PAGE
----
Jump to content

Genetic Mutation Tied to Lung Cancer Prognosis

Recommended Posts


By David Douglas

NEW YORK OCT 31, 2005 (Reuters Health) - A polymorphism of the fibroblast growth factor receptor 4 (FGFR4) gene appears to be associated with cancer cell migration in patients with lung adenocarcinoma, according to Italian researchers.

"We showed that a single change in the DNA sequence coding for FGFR4 is responsible for the differences in the prognosis observed among patients," senior investigator Dr. Tommaso A. Dragani told Reuters Health. "This DNA variation was found to produce two FGFR4 proteins which only differ by a single amino acid but display a different capacity to affect the migration of cancer cells -- that is, the ability to produce metastasis."

In the October 10th issue of the Journal of Clinical Oncology, Dr. Dragani of the Instituto Nazionale Tumori, Milan and colleagues note that the Gly388Arg polymorphism of the FGFR4 gene has been shown in vitro to modulate cancer cell migration.

To investigate further, the researchers compared the clinical stage and the survival of 274 Italian lung adenocarcinoma patients in relation to their genetic characteristics. Some 401 healthy subjects acted as controls.

Compared to those with the Gly/Gly genotype, in patients who carried the Arg388 allele, cancer onset was earlier (60.2 versus 63.4 years). They also had a 2.3-times increased hazard ratio for higher clinical stage disease and 1.9-times increased hazard ratio for lymph node involvement. This was also true of mortality at 63 months of follow-up, with a 1.7-times increased hazard ratio.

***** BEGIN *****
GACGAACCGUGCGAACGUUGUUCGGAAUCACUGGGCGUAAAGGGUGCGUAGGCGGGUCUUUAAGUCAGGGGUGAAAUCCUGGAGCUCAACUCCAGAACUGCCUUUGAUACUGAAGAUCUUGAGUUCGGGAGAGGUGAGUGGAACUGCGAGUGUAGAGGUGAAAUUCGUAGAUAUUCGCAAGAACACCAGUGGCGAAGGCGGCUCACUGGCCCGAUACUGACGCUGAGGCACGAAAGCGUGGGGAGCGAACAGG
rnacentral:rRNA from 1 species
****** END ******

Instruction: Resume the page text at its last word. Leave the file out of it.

Thus, continued Dr. Dragani, "the differences in lung cancer aggressiveness and malignancy not only depend on somatic mutations occurring in the tumor itself which have been considered until now the main cause of variation in neoplastic progression."

"These findings," he concluded, "represent an important breakthrough in the understanding of the individual genetic elements that can control cancer progression and in the development of new diagnostic and therapeutics treatments based not only on the tumor but also on the patient's genetic characteristics."


J Clin Oncol 2005;23:7307-7311.

Link to comment
Share on other sites

Join the conversation

You can post now and register later. If you have an account, sign in now to post with your account.

Reply to this topic...

×   Pasted as rich text.   Restore formatting

  Only 75 emoji are allowed.

×   Your link has been automatically embedded.   Display as a link instead

×   Your previous content has been restored.   Clear editor

×   You cannot paste images directly. Upload or insert images from URL.

  • Create New...

Important Information

By using this site, you agree to our Terms of Use. We have placed cookies on your device to help make this website better. You can adjust your cookie settings, otherwise we'll assume you're okay to continue.